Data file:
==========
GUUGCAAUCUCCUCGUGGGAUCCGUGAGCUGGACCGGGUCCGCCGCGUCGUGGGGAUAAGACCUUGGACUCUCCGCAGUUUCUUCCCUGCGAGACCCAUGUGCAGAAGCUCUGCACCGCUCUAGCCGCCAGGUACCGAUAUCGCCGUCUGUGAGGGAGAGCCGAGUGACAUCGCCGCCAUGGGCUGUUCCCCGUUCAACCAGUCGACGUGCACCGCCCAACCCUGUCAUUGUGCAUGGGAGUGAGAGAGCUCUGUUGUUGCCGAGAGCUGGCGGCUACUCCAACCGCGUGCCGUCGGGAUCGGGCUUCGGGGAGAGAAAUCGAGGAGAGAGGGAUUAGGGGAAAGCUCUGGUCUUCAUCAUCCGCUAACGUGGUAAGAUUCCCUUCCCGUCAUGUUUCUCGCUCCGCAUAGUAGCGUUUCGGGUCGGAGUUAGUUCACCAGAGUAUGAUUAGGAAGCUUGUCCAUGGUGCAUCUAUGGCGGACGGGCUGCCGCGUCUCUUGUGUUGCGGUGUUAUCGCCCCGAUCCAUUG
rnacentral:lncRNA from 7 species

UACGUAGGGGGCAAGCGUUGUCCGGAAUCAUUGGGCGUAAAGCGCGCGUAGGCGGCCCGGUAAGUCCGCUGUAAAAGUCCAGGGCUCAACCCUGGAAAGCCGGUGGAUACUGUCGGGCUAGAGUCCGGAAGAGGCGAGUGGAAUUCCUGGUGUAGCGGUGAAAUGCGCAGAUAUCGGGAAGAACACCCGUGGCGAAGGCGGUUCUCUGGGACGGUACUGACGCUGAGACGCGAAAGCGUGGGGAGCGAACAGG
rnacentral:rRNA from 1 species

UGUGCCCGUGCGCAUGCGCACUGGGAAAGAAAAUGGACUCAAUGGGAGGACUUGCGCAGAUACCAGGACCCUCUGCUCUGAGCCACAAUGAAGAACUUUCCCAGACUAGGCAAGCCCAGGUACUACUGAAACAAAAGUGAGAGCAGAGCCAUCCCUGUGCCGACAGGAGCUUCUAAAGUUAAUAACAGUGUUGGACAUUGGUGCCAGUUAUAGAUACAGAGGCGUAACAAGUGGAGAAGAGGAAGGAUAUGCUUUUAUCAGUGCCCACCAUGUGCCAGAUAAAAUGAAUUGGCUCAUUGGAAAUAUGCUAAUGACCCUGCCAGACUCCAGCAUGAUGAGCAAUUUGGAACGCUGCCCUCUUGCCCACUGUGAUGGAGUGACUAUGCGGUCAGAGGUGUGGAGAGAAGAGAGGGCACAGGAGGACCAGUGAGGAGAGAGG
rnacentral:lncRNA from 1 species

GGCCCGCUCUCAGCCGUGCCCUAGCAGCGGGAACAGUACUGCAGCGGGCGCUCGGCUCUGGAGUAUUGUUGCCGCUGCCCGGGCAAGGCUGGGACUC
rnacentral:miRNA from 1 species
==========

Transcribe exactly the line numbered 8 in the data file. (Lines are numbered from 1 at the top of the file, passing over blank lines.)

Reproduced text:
rnacentral:miRNA from 1 species